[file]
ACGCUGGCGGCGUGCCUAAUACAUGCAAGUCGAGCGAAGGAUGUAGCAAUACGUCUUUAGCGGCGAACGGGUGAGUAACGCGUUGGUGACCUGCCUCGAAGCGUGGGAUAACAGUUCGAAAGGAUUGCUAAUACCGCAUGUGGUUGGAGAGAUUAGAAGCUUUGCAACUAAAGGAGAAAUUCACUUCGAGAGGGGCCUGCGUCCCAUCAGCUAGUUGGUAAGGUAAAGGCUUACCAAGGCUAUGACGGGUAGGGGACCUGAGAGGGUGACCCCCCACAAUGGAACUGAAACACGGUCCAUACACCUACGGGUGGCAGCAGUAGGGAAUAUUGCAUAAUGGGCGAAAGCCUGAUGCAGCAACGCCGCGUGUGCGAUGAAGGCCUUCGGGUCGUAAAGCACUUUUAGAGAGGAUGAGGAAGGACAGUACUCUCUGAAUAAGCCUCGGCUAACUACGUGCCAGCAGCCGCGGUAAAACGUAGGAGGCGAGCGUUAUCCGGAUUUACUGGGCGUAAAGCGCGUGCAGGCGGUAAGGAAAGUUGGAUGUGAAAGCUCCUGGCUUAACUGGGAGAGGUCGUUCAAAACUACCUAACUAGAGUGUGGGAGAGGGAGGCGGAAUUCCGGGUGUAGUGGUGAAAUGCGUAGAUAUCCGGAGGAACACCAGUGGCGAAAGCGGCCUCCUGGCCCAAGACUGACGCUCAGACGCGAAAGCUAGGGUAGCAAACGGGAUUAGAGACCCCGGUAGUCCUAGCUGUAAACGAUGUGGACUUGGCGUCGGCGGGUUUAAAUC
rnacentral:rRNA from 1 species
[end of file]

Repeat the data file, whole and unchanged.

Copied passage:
ACGCUGGCGGCGUGCCUAAUACAUGCAAGUCGAGCGAAGGAUGUAGCAAUACGUCUUUAGCGGCGAACGGGUGAGUAACGCGUUGGUGACCUGCCUCGAAGCGUGGGAUAACAGUUCGAAAGGAUUGCUAAUACCGCAUGUGGUUGGAGAGAUUAGAAGCUUUGCAACUAAAGGAGAAAUUCACUUCGAGAGGGGCCUGCGUCCCAUCAGCUAGUUGGUAAGGUAAAGGCUUACCAAGGCUAUGACGGGUAGGGGACCUGAGAGGGUGACCCCCCACAAUGGAACUGAAACACGGUCCAUACACCUACGGGUGGCAGCAGUAGGGAAUAUUGCAUAAUGGGCGAAAGCCUGAUGCAGCAACGCCGCGUGUGCGAUGAAGGCCUUCGGGUCGUAAAGCACUUUUAGAGAGGAUGAGGAAGGACAGUACUCUCUGAAUAAGCCUCGGCUAACUACGUGCCAGCAGCCGCGGUAAAACGUAGGAGGCGAGCGUUAUCCGGAUUUACUGGGCGUAAAGCGCGUGCAGGCGGUAAGGAAAGUUGGAUGUGAAAGCUCCUGGCUUAACUGGGAGAGGUCGUUCAAAACUACCUAACUAGAGUGUGGGAGAGGGAGGCGGAAUUCCGGGUGUAGUGGUGAAAUGCGUAGAUAUCCGGAGGAACACCAGUGGCGAAAGCGGCCUCCUGGCCCAAGACUGACGCUCAGACGCGAAAGCUAGGGUAGCAAACGGGAUUAGAGACCCCGGUAGUCCUAGCUGUAAACGAUGUGGACUUGGCGUCGGCGGGUUUAAAUC
rnacentral:rRNA from 1 species